Marlene Busko

October 15, 2015

SEATTLE — Data on women who received denosumab (Prolia, Amgen), in some cases for up to 10 years in the Fracture Reduction Evaluation of Denosumab in Osteoporosis Every Six Months (FREEDOM) study and its extension phase, show that there was no alteration in the benefit/risk profile of the drug over the course of the whole trial.

Henry G Bone III, MD, from the Michigan Bone and Mineral Clinic, in Detroit, presented data for the 7-year extension of the original 3-year trial at the recent American Society for Bone and Mineral Research (ASBMR) 2015 Annual Meeting.

Specifically, "denosumab over 10 years produced a persistent reduction in bone turnover, continued increases in bone density without an apparent plateau so far, and low incidences of fracture," Dr Bone said.

And "one of the striking findings is the result for lumbar-spine bone-mineral density," he added. There was a linear increase right through the end of the trial for a cumulative 21.7% gain after 10 years. Similarly, there was a 9.2% gain in total-hip bone-mineral density.

The number of serious adverse events was low. During the 7-year extension that was completed by more than 2000 women, there were 13 cases of osteonecrosis of the jaw and two cases of atypical femoral fracture.

Thus, "the benefit/risk profile for denosumab in an aging population of postmenopausal women remains favorable," Dr Bone and colleagues concluded.

Asked to comment, John Eisman, MB BS, PhD, from the Garvan Institute of Medical Research, in Sydney, Australia, told Medscape Medical News: "This is very encouraging. Osteoporosis is a chronic condition, so, like patients with hypertension or diabetes for example, it doesn't make sense for patients with osteoporosis to have 'drug holidays.' What you're seeing is that you're getting continuing ongoing benefit…with lower fracture rates."

Dr Eisman was also reassured by the low incidence of adverse events, which he commented, is "not zero, but there's no treatment for which there is no risk."

Long-term FREEDOM From Fractures?

Denosumab is a monoclonal antibody that targets the RANK ligand, an essential regulator of bone-removing cells (osteoclasts), and in June 2010 it was the first drug in this class to be approved by the US Food and Drug Administration for the treatment of postmenopausal women with osteoporosis at high risk for fracture.

However, because denosumab significantly suppresses bone turnover, it may increase the risk for osteonecrosis of the jaw, atypical fractures, and delayed fracture healing.

In the phase 3 FREEDOM trial, 7808 postmenopausal women aged 60 to 91 who had osteoporosis were randomized to receive a subcutaneous injection of 60 mg of denosumab or placebo every 6 months for 3 years.

Of the participants, 4550 agreed to take part in the 7-year extension study, in which everyone received the drug, and over half of these women (n=2626) completed the full study.

One of the challenges of a trial of treatment for osteoporosis is "we can't keep people with osteoporosis on a placebo forever," Dr Bone explained. This was the reason women in the placebo group were offered active treatment after 3 years.

To estimate what fracture rates might have been, had the women remained on placebo, the researchers created a "virtual twin" model.

During the 3-year FREEDOM trial, 2.3% of women who received active treatment vs 7.2% of women on placebo had a new vertebral fracture. During the 7-year extension, 7.0% of women on active treatment had this type of fracture compared with the estimate that 11.5% of women on placebo would have had a new vertebral fracture.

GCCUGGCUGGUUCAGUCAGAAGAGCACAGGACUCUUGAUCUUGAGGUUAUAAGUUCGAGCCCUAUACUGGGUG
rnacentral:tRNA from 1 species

Similarly, 6.5% of women who received denosumab and 8.0% of women taking placebo had a nonvertebral fracture during the 3-year study. During the extension, 9.3% of women on active treatment had this type of fracture, and the model predicted that 14.5% of women on placebo would have had a nonvertebral fracture.

"We have to be somewhat restrained about this [virtual twin] comparison, but it gives an idea of how factors such as increasing age might alter the fracture rate," said Dr Bone.

Safety Shown, Too

With regard to safety, the incidence of serious infections and malignancies in the placebo group was similar during initial treatment (with placebo) and during the 7-year extension period when all participants then received denosumab.

And one audience member commented that "the 13 cases of [osteonecrosis of the jaw] and two of [atypical femoral fracture]" were "reassuring" but noted that with another type of osteoporosis treatment, long-term bisphosphonate therapy, the opposite pattern of adverse events is seen (ie, more atypical fractures and fewer cases of osteonecrosis of the jaw).

Sean E Harper, MD, executive vice president of research and development at Amgen, said these new results boost confidence in denosumab.

"These 10-year findings from the final year of this open-label extension study provide important additional data to the significant body of evidence generated to inform long-term safety, including more than 100 original publications and presentations over the past seven years," he said in a company statement.

This study received funding from Amgen. Dr Bone discloses support from Amgen, Merck, and Grunenthaler.

American Society for Bone and Mineral Research 2014 Annual Meeting; Seattle, Washington. Abstract 1157, presented October 12, 2015.


Comments on Medscape are moderated and should be professional in tone and on topic. You must declare any conflicts of interest related to your comments and responses. Please see our Commenting Guide for further information. We reserve the right to remove posts at our sole discretion.